rationalism [Lat.,=belonging to reason], in philosophy, a theory that holds that reason alone, unaided by experience, can arrive at basic truth regarding the world. Associated with rationalism is the doctrine of innate ideas and the method of logically deducing truths about the world from "self-evident" premises. Rationalism is opposed to empiricism on the question of the source of knowledge and the techniques for verification of knowledge. René Descartes, G. W. von Leibniz, and Baruch Spinoza all represent the rationalist position, and John Locke the empirical. Immanuel Kant in his critical philosophy attempted a synthesis of these two positions. More loosely, rationalism may signify confidence in the intelligible, orderly character of the world and in the mind's ability to discern such order. It is opposed by irrationalism, a view that either denies meaning and coherence in reality or discredits the ability of reason to discern such coherence. Irrational philosophies accordingly stress the will at the expense of reason, as exemplified in the existentialism of Jean-Paul Sartre or Karl Jaspers. In religion, rationalism is the view that recognizes as true only that content of faith that can be made to appeal to reason. In the Middle Ages the relationship of faith to reason was a fundamental concern of scholasticism. In the 18th cent. rationalism produced a religion of its own called deism (see deists).

See E. Heimann, Reason and Faith in Modern Society (1961); T. F. Torrance, God and Rationality (1971); R. L. Arrington, Rationalism, Realism, and Relativism (1989).

The Columbia Encyclopedia, 6th ed. Copyright© 2014, The Columbia University Press.

Selected full-text books and articles on this topic

The Rationalists
John Cottingham.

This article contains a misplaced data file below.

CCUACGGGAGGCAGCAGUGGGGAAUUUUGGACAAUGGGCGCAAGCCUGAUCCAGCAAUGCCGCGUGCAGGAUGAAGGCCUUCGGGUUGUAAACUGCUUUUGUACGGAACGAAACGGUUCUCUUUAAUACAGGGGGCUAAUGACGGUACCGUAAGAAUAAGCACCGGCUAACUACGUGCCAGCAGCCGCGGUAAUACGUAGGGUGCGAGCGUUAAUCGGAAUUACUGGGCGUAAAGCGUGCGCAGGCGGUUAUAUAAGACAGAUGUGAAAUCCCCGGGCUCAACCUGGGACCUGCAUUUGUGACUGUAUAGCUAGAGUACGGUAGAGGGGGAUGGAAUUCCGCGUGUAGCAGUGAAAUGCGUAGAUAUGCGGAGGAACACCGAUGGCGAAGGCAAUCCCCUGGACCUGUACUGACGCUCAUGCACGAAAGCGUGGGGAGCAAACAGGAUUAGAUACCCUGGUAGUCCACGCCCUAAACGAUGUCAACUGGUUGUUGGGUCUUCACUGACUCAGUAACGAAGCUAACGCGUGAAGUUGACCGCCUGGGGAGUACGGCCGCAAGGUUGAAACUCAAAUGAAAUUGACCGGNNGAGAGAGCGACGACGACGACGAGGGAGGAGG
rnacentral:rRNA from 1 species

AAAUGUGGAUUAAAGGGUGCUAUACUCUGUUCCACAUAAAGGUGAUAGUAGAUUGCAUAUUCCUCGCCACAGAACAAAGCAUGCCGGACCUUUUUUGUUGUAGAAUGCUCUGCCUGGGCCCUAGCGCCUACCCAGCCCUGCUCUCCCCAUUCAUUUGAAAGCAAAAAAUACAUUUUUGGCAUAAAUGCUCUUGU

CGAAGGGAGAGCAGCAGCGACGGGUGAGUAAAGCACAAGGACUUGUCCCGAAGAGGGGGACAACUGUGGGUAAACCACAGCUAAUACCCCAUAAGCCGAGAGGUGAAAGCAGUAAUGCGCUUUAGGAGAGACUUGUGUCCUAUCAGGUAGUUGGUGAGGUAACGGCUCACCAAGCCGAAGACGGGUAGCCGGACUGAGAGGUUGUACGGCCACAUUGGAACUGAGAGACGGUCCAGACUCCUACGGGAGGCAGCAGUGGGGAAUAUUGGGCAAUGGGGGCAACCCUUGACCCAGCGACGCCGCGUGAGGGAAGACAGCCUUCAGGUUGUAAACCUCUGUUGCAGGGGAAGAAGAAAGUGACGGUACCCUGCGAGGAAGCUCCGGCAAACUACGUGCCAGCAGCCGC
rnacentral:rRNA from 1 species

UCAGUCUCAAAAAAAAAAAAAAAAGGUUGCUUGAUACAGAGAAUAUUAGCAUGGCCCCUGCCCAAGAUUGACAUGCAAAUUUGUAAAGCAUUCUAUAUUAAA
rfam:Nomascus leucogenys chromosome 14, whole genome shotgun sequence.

Oxford University Press, 1988
New Essays on the Rationalists
Rocco J. Gennaro; Charles Huenemann.
Oxford University Press, 1999
Secularization, Rationalism, and Sectarianism: Essays in Honour of Bryan R. Wilson
Eileen Barker; James A. Beckford; Karel Dobbelaere.
Clarendon Press, 1993
Reason and Faith in Modern Society: Liberalism, Marxism, and Democracy
Eduard Heimann.
Wesleyan University Press, 1961
FREE! The New Rationalism: The Development of a Constructive Realism upon the Basis of Modern Logic and Science, and through the Criticism of Opposed Philosophical Systems
Edward Gleason Spaulding.
H. Holt and Company, 1918
FREE! A History of Freedom of Thought
J. B. Bury.
Henry Holt, 1913
Librarian’s tip: Chap. VI "The Growth of Rationalism (Seventeenth and Eighteenth Centuries") and Chap. VII "The Progress of Rationalism"
Faith and Reason
Richard Swinburne.
Clarendon Press, 1983
Against the Faith: Essays on Deists, Skeptics, and Atheists
Jim Herrick.
Prometheus Books, 1985
Schools of Asceticism: Ideology and Organization in Medieval Religious Communities
Lutz Kaelber.
Pennsylvania State University Press, 1998
Librarian’s tip: Chap. 1 "Medieval, Religion, and the Roots of Rationalism: Weber's Lacuna"
Rhetoric and Philosophy
Richard A. Cherwitz.
Lawrence Erlbaum Associates, 1990
Librarian’s tip: Chap. 4 "Critical Rationalism: Rhetoric and the Voice of Reason"
Political Concepts and Political Theories
Gerald F. Gaus.
Westview Press, 2000
Librarian’s tip: "Rationalism/Antirationalism" begins on p. 52
An Historical Introduction to Modern Philosophy
Hugh Miller.
Macmillan, 1947
Librarian’s tip: Chap. 13 "The Rationalistic Philosophy of Modern Science" and Chap. 14 The Rationalistic Philosophy of Modern Science (Continued)"
The Uses of Reason
Arthur E. Murphy.
The Macmillan Company, 1943
Librarian’s tip: "The Rational Use of Ideas in the Pursuit of Truth" begins on p. 25 and "The Current Ill-Repute of Rational Ideals" begins on p. 200
Ideas and Men: The Story of Western Thought
Crane Brinton.
Prentice-Hall, 1963 (2nd edition)
Librarian’s tip: Chap. Nine "Making the Modern World III: Rationalism"
The Renaissance and Seventeenth-Century Rationalism
G. H.R. Parkinson.
Routledge, 1993
The Retreat to Commitment
William Warren Bartley.
Knopf, 1962
Librarian’s tip: Chap. IV "The Dilemma of Ultimate Commitment and the Rationalist Search for Integrity" and Chap. V "Comprehensively Critical Rationalism"
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